Juvenile, Booty Bop, and a Lesson on Complacency

Written by Rizoh. Posted in Chin Check


Published on June 06, 2010 with 4 Comments

When I first heard Juvenile’s new single “Back That Thang Up” a couple weeks ago, I couldn’t believe he was blatantly re-upping an old hit. I turned to a friend and said, “There’s no way he’s dropping the same single twice.” I was wrong. He decided to go ahead and shoot a video for “Back That Thing Up,” cementing the argument that he has nothing to offer beyond booty bop.

While we’re on the subject, here’s Juvenile’s biggest hit to date, “Back That Thang Up”

Now, I happen to like “Back That Thang Up.” It’s a playful, funny club anthem reminiscent of Sir Mix-a-Lot’s “Baby Got Back.” I couldn’t go anywhere in 1999 without hearing “Back That Thang Up” or the raw version “Back That Ass Up” on the radio. “Drop That Thang,” on the other hand, is a boring knockoff that makes me want to stab my ears. Granted, the message in these two tracks are different. One’s talking about backing it up, while the other is talking about dropping it. But the overarching theme is still booty.

There’s nothing wrong with paying homage to the female form as long it’s done in a way that’s original and creative. Take Juvenile’s own “Slow Motion,” for instance. While that song was still ultimately about the fairer sex, its dreamy, jazzy soundbed coupled with Juve’s lazy flow made it the musical antithesis of “Back That Thang Up.”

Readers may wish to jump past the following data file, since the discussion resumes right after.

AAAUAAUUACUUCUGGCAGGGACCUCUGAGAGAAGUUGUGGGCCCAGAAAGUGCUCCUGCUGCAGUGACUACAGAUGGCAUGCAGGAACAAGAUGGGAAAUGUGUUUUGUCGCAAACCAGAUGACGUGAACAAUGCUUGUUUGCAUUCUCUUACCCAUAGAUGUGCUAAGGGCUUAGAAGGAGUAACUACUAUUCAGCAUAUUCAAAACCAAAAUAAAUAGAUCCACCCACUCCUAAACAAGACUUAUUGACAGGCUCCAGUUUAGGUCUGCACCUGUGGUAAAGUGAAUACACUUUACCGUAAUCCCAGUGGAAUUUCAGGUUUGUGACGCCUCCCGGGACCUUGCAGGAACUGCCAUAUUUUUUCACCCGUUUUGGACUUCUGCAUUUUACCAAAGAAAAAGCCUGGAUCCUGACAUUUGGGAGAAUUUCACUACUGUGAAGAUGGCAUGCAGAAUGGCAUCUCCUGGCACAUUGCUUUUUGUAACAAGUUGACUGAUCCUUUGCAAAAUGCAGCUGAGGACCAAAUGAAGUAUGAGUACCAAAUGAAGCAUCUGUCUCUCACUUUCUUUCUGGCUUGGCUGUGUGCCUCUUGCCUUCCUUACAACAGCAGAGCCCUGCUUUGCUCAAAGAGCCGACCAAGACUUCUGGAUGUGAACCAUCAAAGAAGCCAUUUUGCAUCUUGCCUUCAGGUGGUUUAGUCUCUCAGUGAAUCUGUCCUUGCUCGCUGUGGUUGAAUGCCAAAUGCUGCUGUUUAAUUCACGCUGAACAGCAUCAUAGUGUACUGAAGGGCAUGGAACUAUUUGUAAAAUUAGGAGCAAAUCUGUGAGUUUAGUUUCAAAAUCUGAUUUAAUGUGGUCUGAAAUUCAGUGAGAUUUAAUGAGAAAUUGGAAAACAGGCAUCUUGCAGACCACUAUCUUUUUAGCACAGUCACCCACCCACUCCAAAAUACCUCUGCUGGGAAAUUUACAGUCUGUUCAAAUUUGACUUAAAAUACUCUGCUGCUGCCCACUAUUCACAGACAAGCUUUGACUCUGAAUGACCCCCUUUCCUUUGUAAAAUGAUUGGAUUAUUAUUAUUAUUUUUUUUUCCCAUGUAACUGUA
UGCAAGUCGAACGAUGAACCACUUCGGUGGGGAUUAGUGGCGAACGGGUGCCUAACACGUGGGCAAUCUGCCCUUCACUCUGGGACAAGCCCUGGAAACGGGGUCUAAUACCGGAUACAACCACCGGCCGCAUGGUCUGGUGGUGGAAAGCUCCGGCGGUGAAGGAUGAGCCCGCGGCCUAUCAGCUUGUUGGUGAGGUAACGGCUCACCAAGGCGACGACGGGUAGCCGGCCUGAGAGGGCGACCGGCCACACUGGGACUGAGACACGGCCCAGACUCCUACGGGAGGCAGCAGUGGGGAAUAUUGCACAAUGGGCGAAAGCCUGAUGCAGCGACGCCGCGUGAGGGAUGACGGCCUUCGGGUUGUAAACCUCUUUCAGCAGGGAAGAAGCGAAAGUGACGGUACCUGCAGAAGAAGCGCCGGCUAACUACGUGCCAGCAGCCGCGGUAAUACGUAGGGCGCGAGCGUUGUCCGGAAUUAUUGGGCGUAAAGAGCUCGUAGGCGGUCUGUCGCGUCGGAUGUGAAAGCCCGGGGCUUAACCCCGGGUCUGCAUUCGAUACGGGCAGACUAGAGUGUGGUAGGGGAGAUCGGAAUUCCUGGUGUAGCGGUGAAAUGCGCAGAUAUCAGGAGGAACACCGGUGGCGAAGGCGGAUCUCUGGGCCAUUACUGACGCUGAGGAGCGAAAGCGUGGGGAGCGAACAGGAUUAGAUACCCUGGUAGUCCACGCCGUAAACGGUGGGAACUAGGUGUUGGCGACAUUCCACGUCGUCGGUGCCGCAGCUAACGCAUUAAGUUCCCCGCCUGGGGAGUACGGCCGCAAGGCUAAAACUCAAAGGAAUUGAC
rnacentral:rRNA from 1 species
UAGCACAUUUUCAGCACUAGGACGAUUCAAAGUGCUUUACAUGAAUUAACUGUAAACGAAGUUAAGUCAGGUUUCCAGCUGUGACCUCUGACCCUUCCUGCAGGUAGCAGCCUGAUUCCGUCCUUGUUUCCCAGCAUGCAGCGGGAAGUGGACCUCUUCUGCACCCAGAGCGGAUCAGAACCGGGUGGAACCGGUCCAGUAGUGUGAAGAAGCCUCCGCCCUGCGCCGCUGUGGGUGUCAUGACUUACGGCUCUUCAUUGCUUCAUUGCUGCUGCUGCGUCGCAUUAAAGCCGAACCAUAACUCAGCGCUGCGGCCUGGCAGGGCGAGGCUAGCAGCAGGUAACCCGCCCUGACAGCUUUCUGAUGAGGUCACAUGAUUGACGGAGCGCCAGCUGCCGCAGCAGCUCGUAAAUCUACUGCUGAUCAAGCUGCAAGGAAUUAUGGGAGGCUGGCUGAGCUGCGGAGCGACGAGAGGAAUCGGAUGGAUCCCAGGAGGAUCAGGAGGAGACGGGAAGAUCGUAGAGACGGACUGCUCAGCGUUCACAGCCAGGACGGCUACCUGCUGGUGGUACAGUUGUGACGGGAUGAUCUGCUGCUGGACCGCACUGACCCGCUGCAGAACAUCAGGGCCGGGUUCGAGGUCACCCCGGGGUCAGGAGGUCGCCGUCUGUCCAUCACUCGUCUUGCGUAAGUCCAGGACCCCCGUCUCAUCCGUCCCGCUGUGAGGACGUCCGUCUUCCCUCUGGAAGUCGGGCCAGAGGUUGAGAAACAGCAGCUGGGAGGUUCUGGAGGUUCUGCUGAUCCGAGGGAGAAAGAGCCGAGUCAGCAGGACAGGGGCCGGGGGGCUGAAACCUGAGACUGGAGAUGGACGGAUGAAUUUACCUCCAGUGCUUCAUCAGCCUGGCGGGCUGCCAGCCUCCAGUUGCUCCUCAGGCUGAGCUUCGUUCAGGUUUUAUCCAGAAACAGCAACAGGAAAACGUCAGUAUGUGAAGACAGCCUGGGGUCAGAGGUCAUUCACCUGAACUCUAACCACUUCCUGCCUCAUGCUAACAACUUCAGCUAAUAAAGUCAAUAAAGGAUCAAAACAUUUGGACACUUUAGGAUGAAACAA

It’s not so much that I’m surprised by complacency in hip-hop, it’s just that Juvenile exemplifies an approach that’s become commonplace in the game. Monkey see, monkey do. Here’s an artist who’s shown versatility in the past blatantly playing it safe, rehashing a tired formula.

Even Lady Gaga who’s somewhat obsessed with love and sex sings about these subjects in such a way that compels people to debate whether she’s really talking about love and sex. When Eminem raps about brain candy we hardly think of drugs. Nas once rapped about guns—a clichéd concept in hip-hop—by personifying it in a way that no one had done before. All I’m saying is, if you can’t find anything new to rap about, find new ways to rap about the familiar.



Rizoh is the most powerful man in all the lands. He lives in Houston where he earned a BS in Nerf Herding. He's the founder of The Rap Up, the former editor of Roc4Life.com, and is in the Grammy-awaiting band Pervertable Disciples.

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There are currently 4 Comments on Juvenile, Booty Bop, and a Lesson on Complacency. Perhaps you would like to add one of your own?

  1. also the track where weezy f bitchass coined “drop it like its hot”

  2. also the track where weezy f bitchass coined “drop it like its hot”

  3. ^Yep. Weezy’s most important contribution to hip-hop.

  4. ^Yep. Weezy’s most important contribution to hip-hop.

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